Drums, electric guitars and recording equipment fill the spare room of the Haun Magruder Insurance office in Woodstock, Virginia. 

Senior English major Brent Funkhouser says “it’s nice,” but he knows it’s a mess.

“What workspace shouldn’t be cluttered?” Brent Funkhouser, a senior English major, said. “If people saw my desk, they’d think I was a madman.”

For the past two years, Funkhouser, a local Americana artist, has been working on his new EP, “Goodnight Dear Catherine.” He’s been writing, recording, mixing and mastering his music, and has invited guest artists to be featured on the album. 

IMG_0772.jpg

Funkhouser plans to release his new EP, "Goodnight Dear Catherine" on Oct. 18.

As the Oct. 18 release date approaches, he said it’s been a long, but worthwhile, process. 

“I think this is the strongest collection of music I’ve ever put out in a lot of different ways,” Funkhouser said. “At the core of it all, an underlying theme would be keeping on fighting, just moving forward.”

While each song holds personal value to Funkhouser, the EP’s title track is one of the most impactful. He said he reconciles with different emotions and people throughout “Goodnight Dear Catherine.” The song he said he’s most proud of, which he recently released as a single, is “The Man I Want to Be.” In this piece, he sings about wanting to be a better person, finding himself and living up to a standard he’s comfortable with.

For Funkhouser, lyrics are the heart of a song. During his songwriting process, he sometimes pulls out his phone and scrolls through more than 200 notes of bits and pieces of lyrical inspiration he wrote down over the summer. He adds to these lists whenever a thought pops into his head.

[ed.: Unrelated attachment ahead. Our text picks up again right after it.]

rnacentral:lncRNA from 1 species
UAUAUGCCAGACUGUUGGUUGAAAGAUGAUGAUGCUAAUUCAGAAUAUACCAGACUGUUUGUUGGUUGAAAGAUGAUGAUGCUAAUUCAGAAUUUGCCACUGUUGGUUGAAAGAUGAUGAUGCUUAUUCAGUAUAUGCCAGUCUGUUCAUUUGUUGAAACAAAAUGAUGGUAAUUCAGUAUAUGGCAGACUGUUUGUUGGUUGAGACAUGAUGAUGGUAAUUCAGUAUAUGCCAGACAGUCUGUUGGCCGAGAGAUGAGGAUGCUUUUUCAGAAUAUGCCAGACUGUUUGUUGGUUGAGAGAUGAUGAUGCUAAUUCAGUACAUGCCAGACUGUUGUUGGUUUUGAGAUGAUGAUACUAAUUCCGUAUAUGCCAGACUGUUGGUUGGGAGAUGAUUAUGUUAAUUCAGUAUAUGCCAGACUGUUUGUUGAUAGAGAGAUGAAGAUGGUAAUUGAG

“I think that a lot of people think there’s this magical quality about songwriting or something, and I think anyone who does it will tell you that’s not the case,” Funkhouser said. “It is about sitting down and working through it.”

He said it can be chaotic. Some songs just come to him, but others take structure to reach a point he’s comfortable with.

“If I can hear someone telling their honest story in a song, it doesn’t matter to me if it’s Hank Williams or Kendrick Lamar,” Funkhouser said. “If someone’s telling their true story, then I’m like, ‘That’s awesome.’ I love hearing that.”

Jesse Dean, a musical collaborator and Funkhouser’s long-time friend, has watched Funkhouser go from performing solely in cafes to opening for major award-winning artists such as Judy Collins and Phil Vasser at last summer’s Shenandoah Valley Music Festival. When the two work together, Dean usually plays the electric slide guitar, — a way of playing he took up because of Funkhouser and their shared love for the Allman Brothers, a band who often uses the technique.

“I think one of his strengths is that he’ll really embrace adding different musical genre influences in his songs,” Dean said. “He’s not afraid to experiment with one song kind of having a rock vibe to it or one having a jazzier vibe or maybe even a punk vibe.”

2019 FCS Playoffs - JMU

Funkhouser isn’t just a musician — he’s also a full-time student and part-time Target employee. While there are more opportunities available for him in the musical world, managing these different roles in his life has been challenging. He said that during his breaks at Target, he sits down on his laptop to send booking emails to venues. 

Senior Spanish and Communication studies major Ashlyn Johns has been supporting Funkhouser since she first befriended him at an open mic night her freshman year. She said she hopes to be a support system, fan and friend for him in his future as well. Whenever he’s playing a local gig, she tries to move her schedule so she can attend.

“Although it’s gonna be hard, at least there’s someone who’s appreciating the effort he’s putting in,” Johns said. “Being able to be the familiar face in the audience has been such a great opportunity for me.”

Funkhouser said after he graduates, he wants to continue to pursue music. While he isn’t sure where he’ll end up, he knows he may not stay in the Valley. During his time spent touring in the past, he’s visited cities in North Carolina, New York and Pennsylvania. He plans to return to the New England area this fall after the EP’s release to play more shows and promote it.

“I’m at a point right now where things have been picking up, and I’ve always felt that if I didn’t take a shot at it, then I would regret it someday, and I don’t want to regret it,” Funkhouser said.

Contact Kailey Cheng and Traci Rasdorf at thebreezeculture@gmail.com. For more on the culture, arts and lifestyle of the JMU and Harrisonburg communities, follow the culture desk on Twitter @Breeze_Culture.